The Nikon F3

(originally published in Sept 2009 – I did not change a word – just added a comment at the bottom of this post)

Nikon F3 – designed by Giorgetto Guigiaro from Bertone and Ital Design fame.

Nikon’s F3 was the “pro” camera of the early eighties, but it kept on selling until 2001. A dwarf compared to current mid-level digital SLRs, not to mention monsters like an EOS 1DS or a D3. Incredibly simple to use compared to anything digital sold these days. Aperture Priority Automatic or Semi-Auto exposure. Center weighted metering. That’s all. It worked. And it still works today.

Consider all the changes that took place in the SLR design between 1980 and 2001. Multi mode exposure, spot and matrix metering, integrated motors, autofocus, DX coding, the F3 had none of that, but it outlived two or three generations of newer-better-faster pro bodies from Nikon or Canon. The F3 had the elegance to hide its real technical advances under a classical skin, and to let the photographer communicate his instructions through smooth and oversized controls. Of all the pre-autofocus SLRs of Nikon, the F3 is the most pleasant to use, and probably the one which will yield the best results.

Olympus OM-1 / Nikon F3 – larger than the OM-1, but not by much – it’s significantly heavier, though.

The F3 is an exception in the Nikon F lineup. It’s compact, smaller than its predecessors, and way smaller than its successors, the F4 and F5. In fact, its size is very comparable to that of the FM, itself hardly bigger than the yard stick of compact SLRs, the Olympus OM-1. The F3 is also easy to use, without the idiosyncrasies of the F and F2s with their Photomic finders and manual aperture indexing, and without the myriads of commands of an F4 or the menus and submenus of an F5.

Nikon F3: a very simple interface

The F3 is much more modern and usable in everyday life than a semi auto camera like the FM: its commands are larger and smoother, and the automatic exposure system is faster to operate; thanks to the center-weighted metering and a memory lock button, it does not deprive the photograph of his control on the exposure . When a flash is needed, the FM still requires the user to concern himself with Guide Numbers. The F3’s flash system is modern: following the path opened by the Olympus OM2, the SPD (silicon) cell is housed under the main mirror, and provides On The Film flash metering. But the Nikon engineers avoided loading the F3 with complications like multi-mode auto-exposure or multiple metering patterns. The F3 has few commands, and they’re so easy to understand that no manual is needed.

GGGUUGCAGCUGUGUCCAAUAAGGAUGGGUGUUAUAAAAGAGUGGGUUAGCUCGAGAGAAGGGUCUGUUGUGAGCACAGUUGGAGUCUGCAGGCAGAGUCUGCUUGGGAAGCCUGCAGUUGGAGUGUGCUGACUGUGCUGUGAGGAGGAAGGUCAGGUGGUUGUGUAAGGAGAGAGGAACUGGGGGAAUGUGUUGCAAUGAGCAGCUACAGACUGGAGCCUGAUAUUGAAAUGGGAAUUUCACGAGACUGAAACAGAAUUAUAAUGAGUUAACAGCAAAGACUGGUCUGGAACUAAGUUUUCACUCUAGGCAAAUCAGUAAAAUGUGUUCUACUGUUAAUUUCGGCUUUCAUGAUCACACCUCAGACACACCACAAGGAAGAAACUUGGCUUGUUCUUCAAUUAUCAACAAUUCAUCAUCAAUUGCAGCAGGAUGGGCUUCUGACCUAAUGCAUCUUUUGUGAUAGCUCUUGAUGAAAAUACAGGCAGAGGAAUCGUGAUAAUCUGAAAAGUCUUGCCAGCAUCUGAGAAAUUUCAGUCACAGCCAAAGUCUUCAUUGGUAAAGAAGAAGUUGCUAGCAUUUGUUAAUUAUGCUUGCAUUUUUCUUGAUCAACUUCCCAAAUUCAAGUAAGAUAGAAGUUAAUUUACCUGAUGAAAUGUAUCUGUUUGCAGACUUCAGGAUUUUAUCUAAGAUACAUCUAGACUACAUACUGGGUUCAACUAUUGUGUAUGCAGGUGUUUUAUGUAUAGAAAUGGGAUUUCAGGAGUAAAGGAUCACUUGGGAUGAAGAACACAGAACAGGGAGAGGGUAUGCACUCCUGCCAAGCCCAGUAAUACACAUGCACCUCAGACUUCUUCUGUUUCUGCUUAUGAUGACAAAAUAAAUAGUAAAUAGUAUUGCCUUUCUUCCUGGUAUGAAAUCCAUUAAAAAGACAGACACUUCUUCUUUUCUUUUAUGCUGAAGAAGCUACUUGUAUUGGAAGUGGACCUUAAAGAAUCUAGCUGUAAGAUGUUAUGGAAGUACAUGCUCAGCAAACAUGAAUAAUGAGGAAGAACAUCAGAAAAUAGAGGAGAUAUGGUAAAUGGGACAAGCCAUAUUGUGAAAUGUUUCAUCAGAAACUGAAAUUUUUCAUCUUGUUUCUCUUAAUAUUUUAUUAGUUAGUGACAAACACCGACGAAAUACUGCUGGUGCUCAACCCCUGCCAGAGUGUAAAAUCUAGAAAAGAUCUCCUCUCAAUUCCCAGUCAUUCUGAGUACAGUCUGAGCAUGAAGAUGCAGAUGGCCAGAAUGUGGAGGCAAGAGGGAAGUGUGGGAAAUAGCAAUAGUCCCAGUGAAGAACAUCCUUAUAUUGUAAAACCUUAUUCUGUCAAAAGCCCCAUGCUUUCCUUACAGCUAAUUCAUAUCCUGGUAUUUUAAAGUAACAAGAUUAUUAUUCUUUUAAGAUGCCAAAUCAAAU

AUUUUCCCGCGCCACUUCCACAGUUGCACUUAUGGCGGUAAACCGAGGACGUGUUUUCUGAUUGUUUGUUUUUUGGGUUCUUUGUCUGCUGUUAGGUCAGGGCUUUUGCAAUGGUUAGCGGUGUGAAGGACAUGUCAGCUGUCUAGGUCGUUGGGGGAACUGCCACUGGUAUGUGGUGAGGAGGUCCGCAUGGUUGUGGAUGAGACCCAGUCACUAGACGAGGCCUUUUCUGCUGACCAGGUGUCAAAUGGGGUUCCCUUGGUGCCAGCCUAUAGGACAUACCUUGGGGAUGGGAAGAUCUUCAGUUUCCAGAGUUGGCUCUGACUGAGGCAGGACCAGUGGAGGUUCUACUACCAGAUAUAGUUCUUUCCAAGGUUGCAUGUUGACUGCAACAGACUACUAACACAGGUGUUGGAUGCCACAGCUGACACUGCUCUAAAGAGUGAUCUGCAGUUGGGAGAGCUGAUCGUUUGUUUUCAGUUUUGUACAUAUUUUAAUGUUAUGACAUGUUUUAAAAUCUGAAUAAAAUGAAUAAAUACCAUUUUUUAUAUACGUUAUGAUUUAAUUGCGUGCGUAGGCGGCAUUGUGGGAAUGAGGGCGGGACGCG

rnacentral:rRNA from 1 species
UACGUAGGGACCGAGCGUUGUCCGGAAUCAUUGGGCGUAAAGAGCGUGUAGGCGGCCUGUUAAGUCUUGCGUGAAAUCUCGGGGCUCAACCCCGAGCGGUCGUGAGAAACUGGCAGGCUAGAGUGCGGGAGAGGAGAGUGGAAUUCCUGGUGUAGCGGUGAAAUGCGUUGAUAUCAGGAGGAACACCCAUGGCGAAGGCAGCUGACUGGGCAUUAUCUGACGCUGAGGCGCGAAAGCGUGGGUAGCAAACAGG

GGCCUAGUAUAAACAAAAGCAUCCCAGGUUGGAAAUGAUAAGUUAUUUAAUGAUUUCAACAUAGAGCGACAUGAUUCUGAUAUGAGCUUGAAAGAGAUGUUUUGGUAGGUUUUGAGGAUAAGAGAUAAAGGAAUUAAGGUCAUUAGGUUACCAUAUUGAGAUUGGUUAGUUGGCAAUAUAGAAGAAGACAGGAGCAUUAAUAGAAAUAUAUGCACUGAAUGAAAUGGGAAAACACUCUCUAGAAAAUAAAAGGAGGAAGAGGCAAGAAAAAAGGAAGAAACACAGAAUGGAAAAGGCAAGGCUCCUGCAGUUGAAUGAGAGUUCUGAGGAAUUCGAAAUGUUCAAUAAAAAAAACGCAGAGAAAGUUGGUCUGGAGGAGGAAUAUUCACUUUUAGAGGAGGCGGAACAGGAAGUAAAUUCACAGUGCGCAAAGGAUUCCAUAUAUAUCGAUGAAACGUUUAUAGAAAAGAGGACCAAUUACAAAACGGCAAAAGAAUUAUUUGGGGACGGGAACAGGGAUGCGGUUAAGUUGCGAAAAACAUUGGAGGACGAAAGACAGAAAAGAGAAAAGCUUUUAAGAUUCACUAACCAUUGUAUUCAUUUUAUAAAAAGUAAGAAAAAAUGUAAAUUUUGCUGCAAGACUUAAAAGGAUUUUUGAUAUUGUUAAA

Nikon F3 – the standard viewfinder can be replaced with the “High Point”.

All the commands are generously sized, and very smooth to operate (the film advance mechanism is mounted on ball bearings). The view finder is wide, bright and clear, making focusing easy. After a few years of production, Nikon replaced the viewfinder with a high eyepoint (HP) model, which could be used more easily by glass wearers. The viewfinder is the only part of the camera which is really larger than what you would find on contemporary advanced-amateur SLRs.

Nikon F3 in the CF-22 bag (Red)

Of course, the F3 is not perfect. It may be compact, but it’s heavy (approx. 750g). Its OTF flash system may have been advanced for its time, but the shutter only syncs at 1/60sec, and none of the viewfinders of the F3 system has a standard flash hot shoe: the F3 requires a specific flash adapter, to be inserted at the top of the rewind lever. But if I had to own and use only one film camera, that would be the F3, without any hesitation.

Cameras like this Nikon F3 have a removable prism. With the prism removed, one can see the image as formed on the ground glass (the focusing screen). At this stage, it is still inverted right/left you have to keep the camera at waist level to see the image of the subject.

My 2021 take on the Nikon F3 – over the last twelve years, I’ve had the opportunity to shoot with almost every Nikon SLR manufactured between 1970 and 1995, and I still hold the F3 in very high esteem. There are a few other Nikon bodies that would compete in the “desert island camera” category – I can only see the FE2. The FE2 is much lighter, it’s easier to read what shutter speed the auto-exposure system has selected, but its viewfinder is very narrow compared to what the F3 (even in its non-HP version) offers, and it’s probably not as solid as its “pro” sibling.

Nikon F3 – Nikkor 24mm AF – lunch break along the Seine – at that time Notre Dame cathedral still had its original roof.

Paris, Place de l’Hotel de Ville (City Hall) – Nikon F3 – 24mm Nikkor AF
Triel s/Seine - Dec 25th, 2010
Triel s/Seine – Dec 25th, 2010 – Nikon F3 – Nikkor 135mm F:3.5 – Kodak CN 400

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